Account-Based Marketing (ABM) has been around for years. It involves personalising communications to address a number of stakeholders within a small set of ‘key accounts’. It used to be a fairly manual process when executed without the help of new B2B marketing technologies. Where marketing once cast a wide net to catch as many fish as possible, it has now become incredibly personalised and targeted. As reported in our latest B2B Marketing Research (BMR) Report, 46% of respondents reported they were currently investing in ABM, with a further 21% to implement it in future.
I first experienced the benefits of using ABM back in the early ‘noughties’ when I was working as a communications manager in a large IT company. I had been assigned to our largest client, a mining company, and was running our ABM program.
Our team worked globally to support and meet the needs of our client’s IT systems. As a wide-spread group, I worked closely with the global Account Executives (sales team) and the delivery teams – the updates they gave me were incorporated into regular outgoing communications, such as newsletters.
We’d use these communications to showcase the scope of work we were delivering, both internally and externally, including:
- Our collaborative successes
- Introducing new services and initiatives
- Exposing the broader organisation’s capabilities
- Introducing new team members
- Reporting on community programs – e.g. providing computers to a local school
Part of the process involved tailoring branding for all literature, boilerplate copy for proposals and bid documentation, and internal communications for new processes and tech implementations. For a team without the technology of today, we indirectly grew the account substantially over the course of the engagement. I think, in part, due to our ABM program!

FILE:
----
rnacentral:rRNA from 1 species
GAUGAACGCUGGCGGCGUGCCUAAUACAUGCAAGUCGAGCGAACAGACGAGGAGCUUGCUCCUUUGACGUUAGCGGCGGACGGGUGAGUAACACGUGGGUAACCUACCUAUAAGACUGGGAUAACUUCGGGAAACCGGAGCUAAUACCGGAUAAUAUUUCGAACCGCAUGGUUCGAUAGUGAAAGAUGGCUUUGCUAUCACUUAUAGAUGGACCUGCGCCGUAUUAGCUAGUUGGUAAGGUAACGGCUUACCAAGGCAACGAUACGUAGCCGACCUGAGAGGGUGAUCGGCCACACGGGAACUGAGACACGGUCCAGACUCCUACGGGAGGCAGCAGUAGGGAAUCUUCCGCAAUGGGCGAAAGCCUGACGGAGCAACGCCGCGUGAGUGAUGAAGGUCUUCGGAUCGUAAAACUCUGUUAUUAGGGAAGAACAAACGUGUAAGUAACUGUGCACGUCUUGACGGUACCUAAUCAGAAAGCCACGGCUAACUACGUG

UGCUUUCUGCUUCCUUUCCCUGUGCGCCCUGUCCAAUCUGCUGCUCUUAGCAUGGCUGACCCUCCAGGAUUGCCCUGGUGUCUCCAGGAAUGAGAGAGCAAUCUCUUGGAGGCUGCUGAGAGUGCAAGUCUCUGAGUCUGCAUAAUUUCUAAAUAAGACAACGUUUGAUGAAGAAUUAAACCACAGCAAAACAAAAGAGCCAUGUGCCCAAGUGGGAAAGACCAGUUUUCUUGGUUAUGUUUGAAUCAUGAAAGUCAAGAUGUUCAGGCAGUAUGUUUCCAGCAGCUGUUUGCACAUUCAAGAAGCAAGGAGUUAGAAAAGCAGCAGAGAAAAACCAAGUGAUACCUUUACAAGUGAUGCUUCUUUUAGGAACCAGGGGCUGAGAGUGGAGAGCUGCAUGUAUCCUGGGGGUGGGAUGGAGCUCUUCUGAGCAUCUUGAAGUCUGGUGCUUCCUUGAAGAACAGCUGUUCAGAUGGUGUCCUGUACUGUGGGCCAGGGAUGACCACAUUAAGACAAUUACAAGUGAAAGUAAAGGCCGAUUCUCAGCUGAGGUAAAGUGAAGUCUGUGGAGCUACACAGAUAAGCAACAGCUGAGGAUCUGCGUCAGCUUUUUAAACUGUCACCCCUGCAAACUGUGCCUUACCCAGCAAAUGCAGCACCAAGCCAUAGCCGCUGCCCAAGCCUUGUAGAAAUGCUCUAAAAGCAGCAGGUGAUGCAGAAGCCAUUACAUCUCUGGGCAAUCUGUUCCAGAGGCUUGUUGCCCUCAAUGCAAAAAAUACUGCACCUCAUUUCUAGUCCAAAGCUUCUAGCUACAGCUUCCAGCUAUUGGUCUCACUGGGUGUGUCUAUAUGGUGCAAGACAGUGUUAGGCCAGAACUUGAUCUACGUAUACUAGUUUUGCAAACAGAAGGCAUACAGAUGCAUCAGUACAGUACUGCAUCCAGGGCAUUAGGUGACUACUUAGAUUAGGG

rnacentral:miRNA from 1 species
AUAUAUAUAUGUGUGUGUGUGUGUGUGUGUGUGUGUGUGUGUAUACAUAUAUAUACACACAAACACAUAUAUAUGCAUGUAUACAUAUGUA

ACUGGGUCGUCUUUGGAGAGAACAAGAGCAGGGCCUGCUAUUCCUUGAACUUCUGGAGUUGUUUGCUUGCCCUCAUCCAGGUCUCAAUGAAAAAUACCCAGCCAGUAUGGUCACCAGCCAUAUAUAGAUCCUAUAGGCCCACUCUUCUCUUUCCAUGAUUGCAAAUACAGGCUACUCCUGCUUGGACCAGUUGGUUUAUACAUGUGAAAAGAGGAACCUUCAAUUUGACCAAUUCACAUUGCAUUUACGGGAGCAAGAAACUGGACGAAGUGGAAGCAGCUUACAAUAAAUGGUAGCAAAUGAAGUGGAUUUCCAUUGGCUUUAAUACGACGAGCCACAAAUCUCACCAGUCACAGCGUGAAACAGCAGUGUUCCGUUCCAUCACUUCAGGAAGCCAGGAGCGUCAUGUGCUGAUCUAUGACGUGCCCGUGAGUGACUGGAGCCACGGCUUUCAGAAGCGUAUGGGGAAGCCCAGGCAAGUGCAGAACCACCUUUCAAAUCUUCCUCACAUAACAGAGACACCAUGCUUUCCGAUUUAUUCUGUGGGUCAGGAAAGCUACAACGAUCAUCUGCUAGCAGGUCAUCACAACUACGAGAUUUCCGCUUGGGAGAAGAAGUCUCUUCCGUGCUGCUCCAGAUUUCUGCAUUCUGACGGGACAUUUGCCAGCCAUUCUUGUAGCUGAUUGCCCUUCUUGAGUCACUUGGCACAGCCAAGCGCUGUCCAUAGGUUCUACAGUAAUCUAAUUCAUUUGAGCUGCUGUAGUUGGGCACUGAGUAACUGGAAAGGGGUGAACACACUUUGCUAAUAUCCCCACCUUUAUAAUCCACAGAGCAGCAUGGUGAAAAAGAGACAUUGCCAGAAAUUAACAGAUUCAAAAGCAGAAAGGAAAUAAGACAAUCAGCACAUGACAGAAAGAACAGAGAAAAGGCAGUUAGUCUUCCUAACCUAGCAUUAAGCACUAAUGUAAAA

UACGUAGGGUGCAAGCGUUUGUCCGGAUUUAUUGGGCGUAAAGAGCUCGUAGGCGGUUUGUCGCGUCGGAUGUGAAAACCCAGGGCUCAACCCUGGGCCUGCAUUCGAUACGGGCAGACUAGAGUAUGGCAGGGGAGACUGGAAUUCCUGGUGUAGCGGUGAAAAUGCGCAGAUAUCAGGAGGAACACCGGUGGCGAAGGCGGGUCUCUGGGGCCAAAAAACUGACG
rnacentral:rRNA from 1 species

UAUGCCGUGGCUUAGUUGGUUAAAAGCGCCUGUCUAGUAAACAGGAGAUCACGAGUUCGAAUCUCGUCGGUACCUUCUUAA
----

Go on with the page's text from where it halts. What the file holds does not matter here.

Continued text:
However, had we access to new tools like a marketing automation platform (MAP), the impact of our ABM strategy could have been much greater and more efficient. With the MAP, integrated into our CRM, our sales team would have had ‘control’ over information sharing, pausing communications at sensitive negotiation stages and boosting them at others. Three areas we could have improved were:
Segmenting our audiences to receive personalised messages to target groups, rather than one blast for all.
Adjusting our content strategy based upon actual data and insights, because we would have better visibility and evidence of engagement.
Providing us with an indication of decision making power and intent – those consuming more content and demonstrating high engagement could have been contacted directly at the right time with relevant offers and propositions.
A well-designed ABM program and its success require the collaboration of the Sales and Marketing teams – the implementation design of the MAP and CRM to enable the business rules like triggers, scoring milestones and alerts. All stakeholders need to be involved in the process to ensure it runs as smoothly as possible.
Our B2B research reported 60% of respondents investing in ABM have shared goals between their Sales and Marketing teams. More than half reported strong to moderate ROI from their ABM programs.
As 2018 progresses, we’re hoping to see more B2B marketers invest in ABM as a strategic approach to their marketing. With customers’ desire for a personalised experience and tailored content ever-rising, it would be pertinent for any B2B marketers not already using ABM to start.
If you’d like to speak to us about Account-Based Marketing, you can call me on 03 9290 9777 or email firstname.lastname@example.org.
For more B2B marketing and Best-in-Class insights, download your complimentary copy of the latest B2B Marketing Research Report.